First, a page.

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Saratoga Springs YMCA Addition to Serve as Future Home of Saratoga Senior Center

Construction of a new 17,000-square-foot addition that will house the center is expected to begin in spring of 2022.

A rendering of the 17,000-square-foot Saratoga Senior Center that will be built off the back of the Saratoga Springs YMCA.

The Saratoga Regional YMCA ‘s (SRYMCA’s) Saratoga Springs branch really does have a lot to offer. It boasts a (huge) fitness center, a pool, a sauna, a steam room, a track, a gymnasium, studio spaces, KidzCare services and a litany of class offerings for members of all ages and abilities. And it’s about to have way more.

On Tuesday, the SRYMCA—which operates five branches in Saratoga County—announced it had obtained City approval for a 17,000-square-foot addition to its Saratoga Springs branch that will serve as the future home of the Saratoga Senior Center. The expansion, made possible by an anonymous $2 million donation, will allow both nonprofit organizations to enhance programming geared toward older adults. Construction is expected to begin in spring 2022.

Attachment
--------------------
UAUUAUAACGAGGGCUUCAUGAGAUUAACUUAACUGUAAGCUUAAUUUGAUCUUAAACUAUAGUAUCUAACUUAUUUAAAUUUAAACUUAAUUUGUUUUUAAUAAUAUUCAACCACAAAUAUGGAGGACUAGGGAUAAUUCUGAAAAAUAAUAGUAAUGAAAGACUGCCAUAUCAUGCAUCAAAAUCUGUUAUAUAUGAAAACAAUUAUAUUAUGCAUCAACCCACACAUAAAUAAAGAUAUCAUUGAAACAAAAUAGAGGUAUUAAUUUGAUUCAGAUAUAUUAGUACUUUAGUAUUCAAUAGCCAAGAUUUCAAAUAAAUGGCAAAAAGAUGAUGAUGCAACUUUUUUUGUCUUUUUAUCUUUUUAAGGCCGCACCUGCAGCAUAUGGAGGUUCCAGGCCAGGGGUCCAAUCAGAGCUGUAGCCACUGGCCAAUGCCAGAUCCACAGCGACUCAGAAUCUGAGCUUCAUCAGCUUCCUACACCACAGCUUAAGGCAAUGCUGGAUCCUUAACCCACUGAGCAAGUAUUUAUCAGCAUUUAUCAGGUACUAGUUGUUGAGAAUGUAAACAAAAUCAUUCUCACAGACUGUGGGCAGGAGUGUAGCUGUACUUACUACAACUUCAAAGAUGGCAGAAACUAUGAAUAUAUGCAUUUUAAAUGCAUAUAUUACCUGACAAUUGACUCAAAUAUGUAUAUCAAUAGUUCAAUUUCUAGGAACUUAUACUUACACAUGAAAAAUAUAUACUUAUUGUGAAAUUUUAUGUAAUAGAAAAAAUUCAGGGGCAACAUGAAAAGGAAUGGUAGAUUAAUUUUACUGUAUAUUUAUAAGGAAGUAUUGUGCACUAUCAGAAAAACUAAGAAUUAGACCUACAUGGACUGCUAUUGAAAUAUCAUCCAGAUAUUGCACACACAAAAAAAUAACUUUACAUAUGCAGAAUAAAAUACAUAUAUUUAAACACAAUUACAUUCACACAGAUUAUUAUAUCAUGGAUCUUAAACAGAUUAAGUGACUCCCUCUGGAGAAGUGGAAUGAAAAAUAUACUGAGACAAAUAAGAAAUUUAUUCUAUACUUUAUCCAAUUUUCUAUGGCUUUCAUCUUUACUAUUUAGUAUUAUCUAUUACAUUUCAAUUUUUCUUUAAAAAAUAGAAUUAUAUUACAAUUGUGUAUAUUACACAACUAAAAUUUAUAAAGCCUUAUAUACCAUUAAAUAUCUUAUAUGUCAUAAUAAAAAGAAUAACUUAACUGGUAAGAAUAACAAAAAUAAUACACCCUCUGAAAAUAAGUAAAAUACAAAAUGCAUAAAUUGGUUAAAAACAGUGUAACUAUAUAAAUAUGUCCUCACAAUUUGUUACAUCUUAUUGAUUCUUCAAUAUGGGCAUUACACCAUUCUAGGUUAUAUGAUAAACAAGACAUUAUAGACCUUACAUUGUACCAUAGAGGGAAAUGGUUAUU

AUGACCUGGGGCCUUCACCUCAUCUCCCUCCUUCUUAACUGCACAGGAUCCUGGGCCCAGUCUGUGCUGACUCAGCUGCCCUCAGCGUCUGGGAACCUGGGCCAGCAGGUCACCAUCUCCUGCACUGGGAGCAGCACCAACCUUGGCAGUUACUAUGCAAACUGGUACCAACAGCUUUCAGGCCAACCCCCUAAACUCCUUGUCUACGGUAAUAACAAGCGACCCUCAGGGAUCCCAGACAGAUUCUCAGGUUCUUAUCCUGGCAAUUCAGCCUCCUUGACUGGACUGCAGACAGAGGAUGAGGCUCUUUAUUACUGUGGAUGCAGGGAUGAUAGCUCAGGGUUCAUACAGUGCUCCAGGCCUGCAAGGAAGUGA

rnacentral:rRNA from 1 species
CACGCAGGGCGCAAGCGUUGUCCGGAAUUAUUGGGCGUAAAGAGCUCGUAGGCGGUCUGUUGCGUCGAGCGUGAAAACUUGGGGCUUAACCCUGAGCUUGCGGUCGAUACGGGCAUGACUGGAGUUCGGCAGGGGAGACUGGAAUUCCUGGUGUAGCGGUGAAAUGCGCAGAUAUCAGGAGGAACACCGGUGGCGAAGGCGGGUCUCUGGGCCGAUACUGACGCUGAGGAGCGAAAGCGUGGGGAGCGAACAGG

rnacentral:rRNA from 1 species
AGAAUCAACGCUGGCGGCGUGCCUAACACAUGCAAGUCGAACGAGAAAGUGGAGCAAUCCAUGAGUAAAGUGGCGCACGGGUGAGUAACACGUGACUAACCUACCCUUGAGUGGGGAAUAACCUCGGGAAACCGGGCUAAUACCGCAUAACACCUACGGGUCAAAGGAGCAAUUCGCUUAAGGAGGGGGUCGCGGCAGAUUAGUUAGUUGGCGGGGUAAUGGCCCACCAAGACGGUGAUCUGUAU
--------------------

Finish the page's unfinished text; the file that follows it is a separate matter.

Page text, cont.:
“We’re out of space,” says Saratoga Senior Center Executive Director Lois Celeste of her organization’s current location on Williams Street. “When I started here 11 years ago we averaged about 30 people a day coming into the center. We served about 300 people in 2010. This past year we served 2,600 people and pre-COVID we were averaging about 150 people per day.” The Senior Center has been on the lookout for a new location for the past five years or so, and when a community member connected the organization with SRYMCA there was an instant connection. “The synergy between the Y and us is amazing,” Celeste says. “They serve all community members, and we serve seniors. They have a swimming pool and walking track and things we don’t have. And we have things they don’t have—we do the educational component and social activities and we have arts, we have trips.” The Y does, however, take extra-good care of its senior members. When gyms were forced to close last year because of the pandemic, SRYMCA staff made personal phone calls to seniors, started an email just for seniors, and provided virtual classes to more than 10,000 area seniors.